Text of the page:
Day 1 :
C V Path Institute, USA
Time : 10:30 - 11:00
Christoph Lutter currently works as a Research Fellow at the C V Path Institute in Washington DC. His research focus is rock climbing related injuries of the upper extremities and the hand (such as UEDVT, pulley injuries, injuries of the carpal bones).
Objective: Sport climbers strain passive and active anatomical structures of their hands and fingers to the maximum during training or competition. This study was designed to investigate bone marrow edema in rock climbing athletes.
Design: Systematic detection, treatment and follow-up investigation of rock climbing athletes with bone marrow edema of the hand.
Setting: Primary-level orthopedic surgery and sports medicine division of a large academic medical center.
Patients: Thirty-one high-level climbers with diffuse pain in the hand and wrist joint caused by rock climbing were included in this study.
Interventions: The therapy consisted of consequent stress reduction and break from sporty activity.
Main outcome measures: Reduction of bone marrow edema in MRI and regain of pre-injury climbing level (UIAA metric scale).
Results: In 28 patients, the MRI revealed osseous edema due to overload at the respective area of interest, mainly in the distal radius, the distal ulna or the carpal bones, which could not be identified otherwise diagnosed as inflammations, tumors or injuries. We classified these edemas and fractures of hamate as due to overload. The edema resulted as a stress reaction to highly intensive training and climbing, with presumably high traction to the wrist area. The control MRIs demonstrated that - even with a consequent stress reduction - these edemas need three to four months to disappear completely.
Conclusion: Climbers with an unspecific, diffuse pain in the wrist and/or the fingers should be examined with MRI to detect or exclude the diagnosis of a bone marrow edema (BME).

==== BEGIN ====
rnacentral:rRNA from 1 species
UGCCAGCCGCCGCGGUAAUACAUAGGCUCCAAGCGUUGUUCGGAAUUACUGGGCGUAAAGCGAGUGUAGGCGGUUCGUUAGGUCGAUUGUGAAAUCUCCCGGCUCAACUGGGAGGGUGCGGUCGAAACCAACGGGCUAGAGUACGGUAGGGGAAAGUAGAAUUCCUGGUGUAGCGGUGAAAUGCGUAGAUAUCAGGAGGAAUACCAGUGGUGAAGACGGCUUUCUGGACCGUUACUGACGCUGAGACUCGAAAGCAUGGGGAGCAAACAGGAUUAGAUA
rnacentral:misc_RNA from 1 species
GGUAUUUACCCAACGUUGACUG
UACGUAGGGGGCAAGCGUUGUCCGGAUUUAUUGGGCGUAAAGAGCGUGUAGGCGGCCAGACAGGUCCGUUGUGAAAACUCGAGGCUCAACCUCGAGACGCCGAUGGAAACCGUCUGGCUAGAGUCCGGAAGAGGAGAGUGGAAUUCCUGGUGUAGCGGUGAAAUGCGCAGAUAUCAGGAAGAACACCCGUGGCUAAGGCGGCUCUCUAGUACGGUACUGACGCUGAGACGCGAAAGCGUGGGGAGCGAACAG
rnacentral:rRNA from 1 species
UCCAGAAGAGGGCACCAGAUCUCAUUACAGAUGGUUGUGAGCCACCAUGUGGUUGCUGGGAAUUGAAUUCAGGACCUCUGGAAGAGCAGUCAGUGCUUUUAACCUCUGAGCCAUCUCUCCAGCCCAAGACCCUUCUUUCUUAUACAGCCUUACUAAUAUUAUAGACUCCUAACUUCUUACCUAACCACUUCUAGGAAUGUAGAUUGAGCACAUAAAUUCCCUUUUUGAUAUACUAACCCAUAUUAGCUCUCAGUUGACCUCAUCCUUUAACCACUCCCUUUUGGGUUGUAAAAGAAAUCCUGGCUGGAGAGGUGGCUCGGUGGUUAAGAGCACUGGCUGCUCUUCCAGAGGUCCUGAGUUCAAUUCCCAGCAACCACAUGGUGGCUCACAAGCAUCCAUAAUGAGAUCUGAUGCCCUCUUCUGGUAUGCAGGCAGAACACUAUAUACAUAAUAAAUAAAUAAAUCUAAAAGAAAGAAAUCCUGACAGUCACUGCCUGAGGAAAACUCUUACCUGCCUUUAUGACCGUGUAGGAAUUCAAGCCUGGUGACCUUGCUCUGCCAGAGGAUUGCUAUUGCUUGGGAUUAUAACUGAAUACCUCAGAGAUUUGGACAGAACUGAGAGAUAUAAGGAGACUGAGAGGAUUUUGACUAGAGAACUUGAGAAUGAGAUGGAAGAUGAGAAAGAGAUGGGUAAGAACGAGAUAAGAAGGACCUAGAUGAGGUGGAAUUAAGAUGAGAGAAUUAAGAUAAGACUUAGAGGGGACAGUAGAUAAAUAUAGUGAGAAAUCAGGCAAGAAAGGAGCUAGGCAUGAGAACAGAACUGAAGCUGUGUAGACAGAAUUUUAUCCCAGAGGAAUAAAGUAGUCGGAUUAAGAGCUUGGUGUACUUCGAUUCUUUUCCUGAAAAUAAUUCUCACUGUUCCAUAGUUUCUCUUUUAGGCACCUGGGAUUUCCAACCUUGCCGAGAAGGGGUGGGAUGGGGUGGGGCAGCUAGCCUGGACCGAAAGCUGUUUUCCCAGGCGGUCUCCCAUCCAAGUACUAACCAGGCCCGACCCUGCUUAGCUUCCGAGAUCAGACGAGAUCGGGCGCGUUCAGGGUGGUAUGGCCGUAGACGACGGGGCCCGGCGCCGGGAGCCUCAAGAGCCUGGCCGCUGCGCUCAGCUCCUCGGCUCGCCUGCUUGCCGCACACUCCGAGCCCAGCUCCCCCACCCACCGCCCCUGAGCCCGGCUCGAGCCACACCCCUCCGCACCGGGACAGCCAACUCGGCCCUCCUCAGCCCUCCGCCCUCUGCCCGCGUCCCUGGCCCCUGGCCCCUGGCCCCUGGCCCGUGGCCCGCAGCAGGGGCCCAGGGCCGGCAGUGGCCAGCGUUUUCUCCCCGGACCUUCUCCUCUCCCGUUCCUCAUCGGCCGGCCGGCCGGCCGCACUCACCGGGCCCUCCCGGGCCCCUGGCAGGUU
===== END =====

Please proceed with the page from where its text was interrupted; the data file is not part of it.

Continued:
Levolta Pharmaceuticals, USA
Time : 11:00 - 11:30
Ketan Desai, MD, PhD is the CMO of Levolta Pharmaceuticals and the Inventor of the Lead Compound, Volt01. He was trained at Washington University in Saint Louis and Baylor College of Medicine. He has been in the Pharmaceutical Industry for 18 years and started his own companies in 2006. The companies include a Radiology Company and Levolta Pharmaceuticals. He is a consultant for hedge funds and venture capitals.
Osteoarthritis (OA) is the most common form of arthritis worldwide with rising incidence and prevalence in part due to ageing and obesity. In Western populations it is one of the most frequent causes of pain, loss of function, and disability in adults. In the US, Osteoarthritis affects 30% of the population with nearly 1 in 2 people expected to develop knee osteoarthritis by age 85. Over 40,000 total knee and hip replacement procedures were performed in 2013, the majority for OA, each costing between $15,000-$31,900. Despite its large disease burden, there are currently no approved disease-modifying drugs available which modify structural progression of OA. Conventional treatment of OA is mostly symptomatic and costly. Therefore, there is urgent need for a disease modifying osteoarthritis drug (DMOAD). Bisphosphonates have been evaluated as DMOAD. Zoledronic Acid (ZA) is the most potent bisphosphonate and is approved for prevention and treatment of osteoporosis, Paget’s disease and certain bone cancers. A phase 2 randomized controlled trial of ZA in OA of knee in Australia (ZAP study, zoledronic acid for knee pain) showed efficacy at six months of ZA in decreasing bone marrow lesions in OA by MRI. This study describes the ability of a new formulation of ZA, VOLT01 (US patent # 13/791,685, US, WO PCT/US14/22169), to treat OA. In comparison, to ZA, VOLT01 showed superior efficacy in controlling osteoarthritis pain.